Memphis-based Three 6 Mafia were "instrumental for the emergence of the crunk style" in the mid-to-late 1990s. Two mixtape DJs from Memphis, DJ Paul and Juicy J, started making their original music, which was distinctive with its "spare, low-BPM rhythms, simplistic chants . . . and narcotically repetitive, slasher-flick textures". This duo soon became known as Three 6 Mafia. Frequently featuring rappers such as Project Pat, Lord Infamous, and Gangsta Boo on their releases, they became instrumental in the formation of crunk music.

In 1996, now in Atlanta, Lil Jon, with his group The East Side Boyz, released their first album, titled Get Crunk, Who U Wit. Lil Jon said that they were first to use the word crunk in a song hook; he claimed that they had started to call themselves a "crunk group" on account of this album. However, The New York Times denied that Get Crunk, Who Are You With was the first crunk album ever. He was one of the key figures in popularizing crunk during 1998 and 1999, and produced two gold records independently, before signing to TVT Records in 2001.

Nevertheless, crunk was not exclusively associated with Lil Jon and Three 6 Mafia. In its early stages such artists as Ying Yang Twins, Joey Cutless, Bone Crusher, and Pastor Troy from Atlanta, and David Banner from Mississippi also helped to popularize crunk music.

Rise in popularityEdit

In the early 2000s, some crunk music hits like "Get Low", "Goodies" and "Yeah!" produced by Lil Jon climbed to the Top 10 of the Billboard Hot 100 charts. Both "Yeah!" and "Goodies" were the first tracks to introduce the substyle of crunk music and contemporary R&B, called crunk&B, to the public. Both of those tracks (performed by Usher and Ciara, respectively) were the main mainstream hits of 2004. Since then, crunk&B has been one of the most popular genres of sung African American music, along with electro pop, genre that replaced crunk and crunk&B in the charts in 2008.

The song called "Get Low" (2003), performed by Lil Jon & The East Side Boyz with the Ying Yang Twins, is credited as the track which put crunk music into the national spotlight. "Get Low" reached number two position in Billboard Hot 100 music charts; overall, it spent more than 21 weeks in charts. Though rappers not from Dixie had tended to avoid being associated with southern hip hop music before, Busta Rhymes and Nelly accepted offers to perform on remixes of "Get Low". Lil Jon's album, titled Kings of Crunk, which contains "Get Low", became double platinum.

In 2005, crunk&B reached Billboard Hot 100 number one position once again, now with the pop song "Run It!" hit, performed by Chris Brown. In 2005 and 2006, crunk and crunk&B conquered American R&B charts and charts specialising on music with rapping and replaced hip hop and older styles of contemporary R&B. From 2006 to 2008 many crunk music albums appeared on Billboard Top 200 number one position.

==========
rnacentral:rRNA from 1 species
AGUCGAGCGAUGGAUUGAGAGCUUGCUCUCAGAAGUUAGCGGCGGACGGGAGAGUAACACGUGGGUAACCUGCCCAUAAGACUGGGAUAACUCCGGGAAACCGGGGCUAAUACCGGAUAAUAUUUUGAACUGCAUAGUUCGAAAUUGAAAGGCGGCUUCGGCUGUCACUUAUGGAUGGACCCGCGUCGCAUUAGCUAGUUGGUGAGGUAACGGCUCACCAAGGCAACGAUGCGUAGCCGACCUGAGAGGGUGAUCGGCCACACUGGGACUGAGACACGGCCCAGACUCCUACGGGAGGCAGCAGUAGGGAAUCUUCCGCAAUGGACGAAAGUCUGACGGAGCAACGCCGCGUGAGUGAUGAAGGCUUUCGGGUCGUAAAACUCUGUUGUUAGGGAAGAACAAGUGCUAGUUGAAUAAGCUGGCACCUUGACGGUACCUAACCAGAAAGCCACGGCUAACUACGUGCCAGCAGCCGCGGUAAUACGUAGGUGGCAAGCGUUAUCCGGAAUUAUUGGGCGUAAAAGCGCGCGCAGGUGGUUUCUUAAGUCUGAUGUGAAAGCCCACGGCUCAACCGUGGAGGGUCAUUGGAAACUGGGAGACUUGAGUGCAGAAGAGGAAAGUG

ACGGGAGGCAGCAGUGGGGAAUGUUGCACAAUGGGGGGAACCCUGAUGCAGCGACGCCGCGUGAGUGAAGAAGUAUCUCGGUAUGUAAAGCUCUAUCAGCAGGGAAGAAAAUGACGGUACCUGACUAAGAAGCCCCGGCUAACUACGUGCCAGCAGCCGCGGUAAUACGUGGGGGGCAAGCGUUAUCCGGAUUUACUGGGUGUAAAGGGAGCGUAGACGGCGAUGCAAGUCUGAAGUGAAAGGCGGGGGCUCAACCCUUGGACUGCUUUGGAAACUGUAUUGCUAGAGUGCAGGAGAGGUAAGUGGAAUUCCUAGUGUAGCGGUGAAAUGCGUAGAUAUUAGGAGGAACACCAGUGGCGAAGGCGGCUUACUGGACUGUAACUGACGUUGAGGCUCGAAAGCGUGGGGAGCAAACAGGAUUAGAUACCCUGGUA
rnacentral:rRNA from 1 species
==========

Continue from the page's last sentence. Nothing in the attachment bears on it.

In 2007, 17 year old entertainer Soulja Boy made the massive superhit called "Crank That" which enjoyed number one position in Billboard Hot 100 for 7 weeks, was nominated for a Grammy and became one of the main hits of the year. Around that year, a bunch of internet websites specialising on crunk and hip hop mixtapes opened, and that fact caused the growing of the popularity of crunk. Also in 2007, crunk singer and rapper T-Pain popularised the use of autotune effect in crunk music, which became very popular in many styles of popular music since then.

In 2008, both crunk and crunk&B developed a new subgenre of trance crunk, a mix of crunk and trance music, and Usher's superhit "Love in This Club" enjoyed number one position in Billboard Hot 100 for 3 weeks. The following year, numerous crunk hits reached Top 40 in American charts. The growing interest in crunk music among white music producers caused the appearance of various subgenres of crunk, including eurocrunk, crunkcore, crunkczar, aquacrunk, and acid crunk.


See AlsoEdit

The Four Core Elements Breaking | DJing | Graffiti | MCing
Hip-Hop culture Dance | Fashion | Music | Production | Theater | Beatboxing
History History | Golden age | Old school | New school
Subgenres Acid rap – Alternative hip-hop – Bit-HopBounce musicChicano rapChopped and screwedChristian hip-hopConscious hip-hopEast Coast hip-hopFreestyle rapGangsta rapHardcore hip-hopHorrorcoreIndie hip-hopInstrumental hip-hopMafioso rapMidwest hip-hopNative American hip-hopNerdcore hip-hopUnderground hip-hopPolitical hip-hopPop rapSnap musicTurntablismWest Coast hip-hop - Trap (music genre)
Fusion genres Abstract hip-hop - Baltimore clubCountry rapCrunkCrunkcoreCumbia rapElectro hopG-funkGhetto houseGhettotechGlitch hopHip-Hop soulHip houseHiplifeHyphyIndustrial hip-hopJazz rapMerenrapNeo soul - Rap metalRap operaRap rockRapcoreDigital Hardcore - Wonky (music)
By continent African | Asian | European | Latin American | Middle Eastern
By country
Other Turntablism | 1520 Sedgwick Avenue | Master of Ceremonies | Hip-Hop music | Hip-Hop culture | Hip-Hop Timeline: 1925 - Present | Scratching | Hook (music) | Break (music) | Sampling (music) | Synthesizer | Hip-Hop rivalry | Misogyny in hip hop culture | Rap Genius
Lists & Categories Genres | Models